The Federal Reserve (“Fed”) has now entered into its fourth month of reducing the impact of quantitative easing on the economy.
The original theory behind quantitative easing was that if the Fed purchased bonds, it could sustain lower interest rates for borrowers. Therefore, more companies would borrow, which in turn, would help the economy with import finance.Once small businesses started borrowing, they would expand their plant and equipment, hire new employees and have more profit.However, the theory of quantitative easing did not work that way in a practical sense.
What actually happened was the banks lent the money they could borrow from the Fed back to the Fed by depositing funds with them in return for an interest rate with no risk to their capital, unlike a small business loan. These business funding solutions were done at such high levels (i.e. tens of trillions of dollars) that the banks have been able to restore their capital base without having to pay any interest to their depositors (we don’t consider a quarter or one percent per year interest to a saver “interest”.)
Without banks having to pay significant interest rates to their depositors, there was no driving force to encourage the underwriting of small business loans and take the risk.The Fortune 1000 and companies of the sort that were cash rich over the last six years could borrow all they wanted from banks. However, those companies decided to go to the bond market where they could negotiate better terms. Because of this, the banks made loans to this group of companies and very few of the companies actually needed the loans and thus did not down on their credit facilities.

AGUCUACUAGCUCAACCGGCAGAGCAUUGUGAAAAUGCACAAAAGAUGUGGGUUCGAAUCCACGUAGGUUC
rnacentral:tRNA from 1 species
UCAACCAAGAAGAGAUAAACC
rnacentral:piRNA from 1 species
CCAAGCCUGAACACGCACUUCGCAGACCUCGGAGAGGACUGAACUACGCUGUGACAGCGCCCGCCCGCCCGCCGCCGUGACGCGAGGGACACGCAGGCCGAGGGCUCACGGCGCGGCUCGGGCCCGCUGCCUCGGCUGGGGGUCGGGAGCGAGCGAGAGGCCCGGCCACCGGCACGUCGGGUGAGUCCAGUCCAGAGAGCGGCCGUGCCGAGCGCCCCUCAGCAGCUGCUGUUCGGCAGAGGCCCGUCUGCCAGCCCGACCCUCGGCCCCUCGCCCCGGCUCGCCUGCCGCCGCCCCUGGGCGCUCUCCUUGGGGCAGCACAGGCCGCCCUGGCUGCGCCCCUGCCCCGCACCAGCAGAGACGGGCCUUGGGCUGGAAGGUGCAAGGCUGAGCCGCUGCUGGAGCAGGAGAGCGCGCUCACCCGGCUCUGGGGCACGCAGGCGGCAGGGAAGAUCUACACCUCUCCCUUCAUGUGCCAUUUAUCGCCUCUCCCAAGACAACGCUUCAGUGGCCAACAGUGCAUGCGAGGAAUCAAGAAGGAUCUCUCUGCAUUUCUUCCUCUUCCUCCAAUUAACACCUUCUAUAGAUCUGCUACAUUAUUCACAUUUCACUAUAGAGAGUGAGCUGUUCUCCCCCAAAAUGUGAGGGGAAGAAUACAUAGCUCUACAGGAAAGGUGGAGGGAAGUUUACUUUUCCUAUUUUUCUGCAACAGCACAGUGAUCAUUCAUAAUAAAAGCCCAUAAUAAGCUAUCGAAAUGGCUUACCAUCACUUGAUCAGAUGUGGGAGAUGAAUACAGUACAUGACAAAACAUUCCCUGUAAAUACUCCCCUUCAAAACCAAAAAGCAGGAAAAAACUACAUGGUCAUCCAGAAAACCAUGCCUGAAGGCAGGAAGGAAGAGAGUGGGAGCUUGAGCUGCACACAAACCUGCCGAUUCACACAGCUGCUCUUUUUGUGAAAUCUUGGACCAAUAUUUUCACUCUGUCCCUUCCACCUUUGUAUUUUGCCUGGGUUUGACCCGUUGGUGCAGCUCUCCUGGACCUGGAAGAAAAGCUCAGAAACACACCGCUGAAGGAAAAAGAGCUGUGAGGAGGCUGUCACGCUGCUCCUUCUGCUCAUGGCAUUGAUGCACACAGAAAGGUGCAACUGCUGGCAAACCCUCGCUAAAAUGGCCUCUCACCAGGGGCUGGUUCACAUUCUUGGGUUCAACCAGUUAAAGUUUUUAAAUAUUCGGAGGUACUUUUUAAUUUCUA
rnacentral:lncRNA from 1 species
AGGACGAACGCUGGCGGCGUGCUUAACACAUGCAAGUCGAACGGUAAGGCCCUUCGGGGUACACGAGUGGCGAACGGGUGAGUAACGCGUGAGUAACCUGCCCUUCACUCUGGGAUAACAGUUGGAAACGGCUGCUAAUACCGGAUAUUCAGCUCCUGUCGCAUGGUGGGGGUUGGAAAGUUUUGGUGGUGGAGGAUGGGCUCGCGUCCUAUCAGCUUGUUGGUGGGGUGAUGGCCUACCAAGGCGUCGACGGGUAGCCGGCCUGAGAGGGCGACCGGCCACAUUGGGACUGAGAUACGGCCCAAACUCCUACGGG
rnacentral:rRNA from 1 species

Because of the reduction in quantitative easing, the pundit and economists are projecting a mere 3.5% growth for the economy.The Fed is lowering its quantitative easing by $10 billion per month (no typo here.)The theory is that the banks will now begin to make small business loans because the Fed is no longer their biggest customer.Interest rates will start to tick upward so the banks can price the new small business loans commensurate with the change in credit from the Fed to the mom and pop operator around the corner from your house.
But just in the nick of time, Dodd-Frank banking regulations have become effective which require the banks to do the exact opposite of what the reduction of quantitative easing should bring to the economy – growth.
Dodd-Frank is also known as the “Too Big to Fail” legislation.This legislation was designed to reduce the impact on taxpayers when banks take risks with their depositor’s money. Just when the Fed took a step to help the economy, Dodd-Frank will be applying the brakes again to small businesses.For this reason, we have been trying to reach out and explain why factoring your accounts receivable with Capstone Capital Group, LLC to generate working capital is a step forward to accomplishing your business goals for 2014 and beyond